Saturday, June 2, 2012

Marissa Alexander Case: "It wasn't a warning shot", says Angela Corey

It wasn't a warning shot, Corey says

You have to click the above link and read the story...This is just so disturbing!! This Prosecutor (Angela Corey) says, "the public does not know the facts". Well, in this case, the "public" may not be the only ones lacking in facts.  Corey asserts that the shot Marissa Alexander fired to warn off her attacking husband was fired out of "anger" and not because she was in fear of her life!  Ok...Marissa's husband Rico Gray who has a long history of beating up the women in his life had beaten her on numerous occasions and in one recent attack during her pregnancy he beat her so bad she was hospitalized but she was not afraid he would do that again or worse? That's crazy!

Corey keeps saying Marissa fired "at THEM" saying she fired at abusive husband Rico Gray AND his two sons! That isn't even plausible! All accounts say she loved his children who are not hers, so why would she want to harm them or put them in harms way?! The fact is that one of Rico Gray Sr.'s sons (who does not live with him) admitted he and his brother were not in the room and did not observe this account while the son that does LIVE WITH Rico Gray Sr. says he and his brother were in the room.  Hummm...I wonder why the son who lives with Rico said that?  Well, on the other-hand, like so many others, I guess I do have an idea why that child said that.

"FACTS"! What about the "Facts" on domestic abuse victimization and dynamics?! Especially given its sheer pervasiveness (even in Florida) and the fact that 3 women die in this country EVERY DAY due to domestic violence!  AND for Black women, it is approximated that 4 out of every 10 Black women in the United States have been the victim of rape, physical violence, and/or stalking by an intimate partner in their lifetime. I am confused! How could this Prosecutor NOT get the FACTS on that! How could she NOT bring in Expert Witnesses on Domestic Violence and Violence Against Women?? Learn the "facts" for yourself, and use common, historical sense...
be informed.


  1. I worked with victims of domestic violence for years and I have to say that the stats (Monroe County NY) showed black women were no more victims of domestic violence than any other race. They DID report it more readily. Upper middle class white women were heavily into denial and the delusion that "no one knows". The most violent abuse was perpetrated by men from the Baltic countries.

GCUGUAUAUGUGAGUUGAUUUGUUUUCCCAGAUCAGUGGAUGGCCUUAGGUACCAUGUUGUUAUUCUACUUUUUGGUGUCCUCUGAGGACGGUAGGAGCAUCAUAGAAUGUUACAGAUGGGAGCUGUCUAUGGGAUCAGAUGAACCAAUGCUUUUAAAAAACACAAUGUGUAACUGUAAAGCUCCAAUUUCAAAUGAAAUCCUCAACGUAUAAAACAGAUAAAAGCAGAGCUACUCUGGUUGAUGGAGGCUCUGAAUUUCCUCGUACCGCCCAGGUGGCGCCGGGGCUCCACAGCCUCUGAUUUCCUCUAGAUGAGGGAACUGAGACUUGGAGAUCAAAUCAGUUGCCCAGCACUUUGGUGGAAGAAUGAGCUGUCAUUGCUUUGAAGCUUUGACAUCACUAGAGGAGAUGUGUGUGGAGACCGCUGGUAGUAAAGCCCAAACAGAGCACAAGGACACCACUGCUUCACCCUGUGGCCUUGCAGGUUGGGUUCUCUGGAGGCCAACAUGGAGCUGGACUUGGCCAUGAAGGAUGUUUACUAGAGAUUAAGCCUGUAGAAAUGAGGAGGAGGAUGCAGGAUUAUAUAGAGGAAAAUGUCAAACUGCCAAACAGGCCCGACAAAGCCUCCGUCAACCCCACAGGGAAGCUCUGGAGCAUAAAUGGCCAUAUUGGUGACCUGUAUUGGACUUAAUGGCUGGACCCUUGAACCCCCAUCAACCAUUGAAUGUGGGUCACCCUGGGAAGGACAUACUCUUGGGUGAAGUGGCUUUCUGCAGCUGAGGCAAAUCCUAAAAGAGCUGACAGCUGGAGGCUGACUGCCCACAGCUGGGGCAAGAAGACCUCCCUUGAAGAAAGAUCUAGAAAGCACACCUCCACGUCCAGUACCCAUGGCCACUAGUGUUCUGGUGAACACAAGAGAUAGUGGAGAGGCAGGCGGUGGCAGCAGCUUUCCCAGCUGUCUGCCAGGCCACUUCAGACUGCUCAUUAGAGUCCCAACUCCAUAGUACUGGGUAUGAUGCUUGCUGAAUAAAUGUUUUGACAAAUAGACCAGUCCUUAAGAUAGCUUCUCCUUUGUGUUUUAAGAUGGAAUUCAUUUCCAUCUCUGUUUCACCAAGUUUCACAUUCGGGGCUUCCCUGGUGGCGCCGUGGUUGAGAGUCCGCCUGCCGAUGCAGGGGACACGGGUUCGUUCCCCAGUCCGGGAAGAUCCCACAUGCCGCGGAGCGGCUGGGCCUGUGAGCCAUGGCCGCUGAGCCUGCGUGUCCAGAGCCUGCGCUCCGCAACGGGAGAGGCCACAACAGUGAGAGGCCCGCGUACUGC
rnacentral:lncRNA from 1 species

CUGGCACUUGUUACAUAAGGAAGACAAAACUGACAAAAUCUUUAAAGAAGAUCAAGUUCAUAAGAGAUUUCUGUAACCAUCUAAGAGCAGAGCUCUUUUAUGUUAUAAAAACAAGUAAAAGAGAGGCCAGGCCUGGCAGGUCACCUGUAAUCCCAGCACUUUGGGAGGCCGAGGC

2. Melanie, thank you for your post, I appreciate all feedback. You are correct in summary. The Federal Government estimates that one in every four women will experience domestic violence in her lifetime and these statistics further reveals that one in six women will experience an attempted or completed rape at some time in her life. Black women represent only 8% of the total population so that in itself is an indication of who the greatest number of victims are, however Black women are disproportionately represented as are other women in communities of color. To say Domestic Violence and Sexual Assault crimes are under reported is an understatement to say the least. Sisters of Color Ending Sexual Assault (SCESA) in the Communities of Color Partnership gives current estimates that state: "Approximately 4 out of every 10 Black women, 4 out of every 10 American Indian/Alaska Native women, more than one-third of Hispanic women, and approximately one-fifth of Asian/Pacific Islander women in the United States have been the victim of rape, physical violence, and/or stalking by an intimate partner in their lifetime." Heightened Police presence in communities of color is a key element as to why more reports are made by either a victim,their neighbors, family, witnesses, etc. What is also glowing is the fact that if you see into any jail in any such urban city that is diverse, you will see that 75 to 95% of all DV arrests are African American men and other men of color. Again, that is primarily due to more of a police presence in the areas these indivduals live in. The factor of police presence is key to other linking issues such as mass incarceration efforts which is another story in itself.

  3. I'm curious what your opinion is of the fact that Marissa retrieved the gun from her car and re-entered the house to 'fire warning shots.' Or is that bit of information too inconvenient for you?


Rape in the Military, Domestic violence, sexual violence, murder, sex trafficking